Anne-Sophie at UEA

Three years of my life as an EU student of English Literature at the University of East Anglia,England.

A Day in the Life of a Literature Student: ‘Ulysses I: Stephen Dedalus’

‘Ulysses I: Stephen Dedalus’ by Derek Attridge, from How To Read Joyce

Attridge’s essay explore the character of Stephen Dedalus, created and used by James Joyce in both A Portrait of the Artist as a Young Man and in some chapters of his famous Ulysses. This character needs particular attention since he’s autobiographical: many of his characteristics and experiences are based on Joyce’s life. Attridge’s first explains that reading the novel adds an “additional layer of meaning” to the short stories. Indeed, A Portrait focuses on Stephen’s childhood, his religious awakening and the events take place before those of Ulysses.

This essay explains that Stephen’s desire to escape and his ambitions are treated with a lot of irony and they’re even mocked by Joyce, which is reminiscent of Joyce’s short story ‘A Little Cloud’ which portrays the protagonists desire to escape Dublin as a mere and ridiculous idealisation. Attridge refers to Homer several time and establishes connections between the Odyssey and Joyce’s short story collection. However, Joyce’s pieces imply that ‘our daily adventures are no less important the heroic deeds of ancient legend’. Indeed, Joyce seeks importance and meaning in ordinary life and in the common people, like other writers of the modernist period such as Woolf. The twentieth century is a period of revolution in culture and in the arts which gives particularly importance to the ordinary individual. Attridge thus qualifies Joyce of “a Homer for the modern age”, even though he focuses on urban life and not on heroic episodes. The treatment of the metropolis is central to Joyce’s style, and to modernism, because it concerned with modernity and the consequences it may have on urban people.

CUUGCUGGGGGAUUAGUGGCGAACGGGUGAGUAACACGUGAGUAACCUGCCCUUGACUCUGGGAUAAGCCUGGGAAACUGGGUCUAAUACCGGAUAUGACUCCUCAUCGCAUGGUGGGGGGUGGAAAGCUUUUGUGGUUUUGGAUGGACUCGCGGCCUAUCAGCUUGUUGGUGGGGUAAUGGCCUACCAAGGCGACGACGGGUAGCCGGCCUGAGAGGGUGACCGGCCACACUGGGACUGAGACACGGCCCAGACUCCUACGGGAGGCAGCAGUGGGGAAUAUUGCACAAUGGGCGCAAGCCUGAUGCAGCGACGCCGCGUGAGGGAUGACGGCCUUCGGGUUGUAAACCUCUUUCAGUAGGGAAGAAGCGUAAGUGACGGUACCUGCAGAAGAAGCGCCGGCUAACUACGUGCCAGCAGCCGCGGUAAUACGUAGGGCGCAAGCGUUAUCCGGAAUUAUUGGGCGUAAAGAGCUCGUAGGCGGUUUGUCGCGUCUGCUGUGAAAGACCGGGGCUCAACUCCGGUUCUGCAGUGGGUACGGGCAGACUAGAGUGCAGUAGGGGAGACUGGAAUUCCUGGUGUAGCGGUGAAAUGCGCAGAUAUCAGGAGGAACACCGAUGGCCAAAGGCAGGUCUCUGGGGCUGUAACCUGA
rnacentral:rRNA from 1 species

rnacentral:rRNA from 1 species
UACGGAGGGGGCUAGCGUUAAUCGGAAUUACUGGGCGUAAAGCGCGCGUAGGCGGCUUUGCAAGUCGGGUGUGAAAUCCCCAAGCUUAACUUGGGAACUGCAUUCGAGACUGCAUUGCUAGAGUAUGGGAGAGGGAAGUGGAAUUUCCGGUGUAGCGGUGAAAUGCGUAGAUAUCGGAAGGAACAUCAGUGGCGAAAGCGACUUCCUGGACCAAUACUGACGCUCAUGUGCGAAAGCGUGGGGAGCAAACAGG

Attridge identifies and explains other modernist characteristics in Joyce: he makes extensive use of interior monologue and free indirect speech in order to reveal the thoughts and motivations of his characters without using a narrator who could comment on these thoughts. Instead, Joyce presents things as they are experienced by his characters. Similarly, Joyce describes the world he creates as a fragmented one with different snapshots of life. This disjunction, or non-linear sequence of events, is one of the major elements of modernist novels and was also used by Woolf or Conrad. This fragmentation is stressed by the interchangeability of the order of the short stories in Ulysses, as Attridge demonstrates. He also explains the part of realism in Ulysses: the level of detail and precision might seem overwhelming to readers but one is not supposed to remember everything or to understand all the allusions. Like The Waste Land, Ulysses needs to be experienced. The realist elements in Joyce are interesting because they show the multiplicity of “modernist styles” at the time: some insisted on the use of a clear and concise language, while other like Joyce still focused on details. Modernism and modernity do no exclude realism.

 This text is an extract from a piece of writing I wrote and submitted for my Modernism formative assessment. Remember that plagiarism – including self-plagiarism – is absolutely unacceptable.


One comment on “A Day in the Life of a Literature Student: ‘Ulysses I: Stephen Dedalus’

  1. Fred
    9 November, 2015

    Que de lectures…😉


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